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Detroit's The James Hughes - Jimmy Smith Quintet keeps the hard bop flame burning in this follow up to Ever Up & Onward (Self Produced, 2015). The album shares the same personnelthis has been a working band since 2013, and they sound like itand the same positive energy. The program is all originals this time.
Trumpeter Jimmy Smith's "The Runaround" opens the set with a blast of infectious funk (or perhaps it should more appropriately be called soul jazz, the label popular during the hard bop era). Pianist Phil Kelly adds the Fender Rhodes to his keyboard arsenal for this (and "Waxwing"). Bassist Takashi Iio plays a funky solo, and drummer Nate Winn gets a brief feature at the end. A fine showcase for the entire band.
"Sidamo" is a Latin/Swing tune built around James Hughes' soprano saxophone. His tune "Rue" has a reflective melody played by both horns, over an insistent drum and bass rhythm. It's the closest thing to a ballad in the program. Or perhaps that honor could go to "Elizabeth," with an insistent modal vamp reminiscent of Herbie Hancock's "Maiden Voyage" (like the opener "Audio Culture" on the previous album). "Gig Fries" is essentially an unaccompanied drum solo (bracketed by a head from the whole band): short and sweet. I'll definitely have fries with that! Feels like it belongs with "Chips & Slaw," which closes the set with more soul jazz.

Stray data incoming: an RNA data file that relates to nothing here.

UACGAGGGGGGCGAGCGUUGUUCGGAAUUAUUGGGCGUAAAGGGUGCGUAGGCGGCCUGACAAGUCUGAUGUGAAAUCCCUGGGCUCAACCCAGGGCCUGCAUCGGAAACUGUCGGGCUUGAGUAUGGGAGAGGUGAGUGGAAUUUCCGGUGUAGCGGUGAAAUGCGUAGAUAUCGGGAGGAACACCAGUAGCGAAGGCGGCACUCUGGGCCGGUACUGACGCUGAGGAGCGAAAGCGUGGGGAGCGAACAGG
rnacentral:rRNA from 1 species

It's always a pleasure to hear hard bop played with this much style. Great tunes, great playing, great positive energywhat's not to like? I'm already looking forward to the next installment.
Track Listing: The Runaround; Intersections; Waxwing; Sidamo; Elizabeth; Rue; Wanting More; Promenade with Molly; Gig Fries; Chips & Slaw.
Personnel: James Hughes: saxophones (alto, soprano); Jimmy Smith: trumpet, cornet, flugelhorn; Phil Kelly: piano, Fender Rhodes; Takashi Iio: bass; Nate Winn: drums.
I love jazz because is intense, human, creative.
I was first exposed to jazz by Bitches Brew a Miles Davis record.
The best show I ever attended was Michael Brecker Quartet with Joey Calderazzo, James Genus and Jeff Tain Watts at Punta del Este Jazz Festival.
The first jazz record I bought was Heavy Weather by Weather Report.